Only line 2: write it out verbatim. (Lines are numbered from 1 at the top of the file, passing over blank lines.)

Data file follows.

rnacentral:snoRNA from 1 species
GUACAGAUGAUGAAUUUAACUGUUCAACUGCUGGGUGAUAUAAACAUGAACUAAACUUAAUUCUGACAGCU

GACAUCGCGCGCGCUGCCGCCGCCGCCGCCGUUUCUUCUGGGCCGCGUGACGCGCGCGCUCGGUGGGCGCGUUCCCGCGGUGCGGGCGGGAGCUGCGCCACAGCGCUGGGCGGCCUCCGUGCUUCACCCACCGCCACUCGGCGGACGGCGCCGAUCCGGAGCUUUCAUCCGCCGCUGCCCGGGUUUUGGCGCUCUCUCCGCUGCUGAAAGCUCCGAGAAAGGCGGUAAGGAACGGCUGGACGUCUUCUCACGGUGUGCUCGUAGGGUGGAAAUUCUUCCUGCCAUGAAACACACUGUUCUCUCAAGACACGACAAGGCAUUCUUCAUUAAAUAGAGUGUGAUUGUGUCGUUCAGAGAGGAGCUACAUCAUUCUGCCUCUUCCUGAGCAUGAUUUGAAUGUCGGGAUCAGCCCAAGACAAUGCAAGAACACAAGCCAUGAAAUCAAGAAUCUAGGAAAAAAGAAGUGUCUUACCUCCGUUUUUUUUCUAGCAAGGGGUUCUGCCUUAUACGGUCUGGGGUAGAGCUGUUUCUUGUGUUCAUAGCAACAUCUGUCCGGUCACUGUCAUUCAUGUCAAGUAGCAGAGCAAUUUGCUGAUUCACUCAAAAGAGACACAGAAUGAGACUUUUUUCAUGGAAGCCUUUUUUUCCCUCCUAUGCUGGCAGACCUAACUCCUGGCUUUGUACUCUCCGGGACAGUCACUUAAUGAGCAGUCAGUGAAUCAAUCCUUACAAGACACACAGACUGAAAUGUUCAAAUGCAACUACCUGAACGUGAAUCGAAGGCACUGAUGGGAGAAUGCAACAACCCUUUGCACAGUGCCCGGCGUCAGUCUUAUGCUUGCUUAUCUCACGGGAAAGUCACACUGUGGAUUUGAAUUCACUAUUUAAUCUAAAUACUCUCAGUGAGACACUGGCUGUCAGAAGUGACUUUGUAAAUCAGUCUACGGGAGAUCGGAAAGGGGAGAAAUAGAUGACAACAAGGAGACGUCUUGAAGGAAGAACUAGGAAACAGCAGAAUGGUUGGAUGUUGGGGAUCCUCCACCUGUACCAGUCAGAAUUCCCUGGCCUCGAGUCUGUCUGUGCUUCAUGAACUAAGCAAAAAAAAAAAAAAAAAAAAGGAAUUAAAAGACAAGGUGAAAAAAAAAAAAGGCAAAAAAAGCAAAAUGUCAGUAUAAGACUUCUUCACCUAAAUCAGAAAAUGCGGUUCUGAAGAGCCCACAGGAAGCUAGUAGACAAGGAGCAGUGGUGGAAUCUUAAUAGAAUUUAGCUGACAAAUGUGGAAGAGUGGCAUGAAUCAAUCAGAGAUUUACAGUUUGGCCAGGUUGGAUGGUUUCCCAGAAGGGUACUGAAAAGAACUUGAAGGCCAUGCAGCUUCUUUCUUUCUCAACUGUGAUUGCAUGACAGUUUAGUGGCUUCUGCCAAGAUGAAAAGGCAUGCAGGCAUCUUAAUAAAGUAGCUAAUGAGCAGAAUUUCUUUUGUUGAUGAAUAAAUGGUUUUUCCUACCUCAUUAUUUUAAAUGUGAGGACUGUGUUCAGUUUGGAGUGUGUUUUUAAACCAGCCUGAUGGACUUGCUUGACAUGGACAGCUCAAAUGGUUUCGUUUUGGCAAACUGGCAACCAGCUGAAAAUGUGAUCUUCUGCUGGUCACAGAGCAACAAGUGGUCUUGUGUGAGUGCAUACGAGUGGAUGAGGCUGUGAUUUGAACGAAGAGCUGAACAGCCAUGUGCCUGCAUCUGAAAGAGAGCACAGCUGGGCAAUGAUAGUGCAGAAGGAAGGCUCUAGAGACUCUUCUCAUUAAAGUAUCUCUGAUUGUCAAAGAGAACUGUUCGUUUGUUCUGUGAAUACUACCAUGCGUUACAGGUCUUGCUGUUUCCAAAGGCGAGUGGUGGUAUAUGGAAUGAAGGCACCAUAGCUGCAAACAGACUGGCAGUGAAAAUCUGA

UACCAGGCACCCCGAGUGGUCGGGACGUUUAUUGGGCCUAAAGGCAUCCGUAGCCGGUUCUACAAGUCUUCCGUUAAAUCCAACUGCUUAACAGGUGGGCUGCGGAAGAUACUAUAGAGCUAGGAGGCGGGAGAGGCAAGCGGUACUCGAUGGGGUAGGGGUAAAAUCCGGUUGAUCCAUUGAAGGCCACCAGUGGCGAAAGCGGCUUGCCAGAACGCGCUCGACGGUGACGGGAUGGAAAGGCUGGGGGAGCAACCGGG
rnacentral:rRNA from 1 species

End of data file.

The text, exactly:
GUACAGAUGAUGAAUUUAACUGUUCAACUGCUGGGUGAUAUAAACAUGAACUAAACUUAAUUCUGACAGCU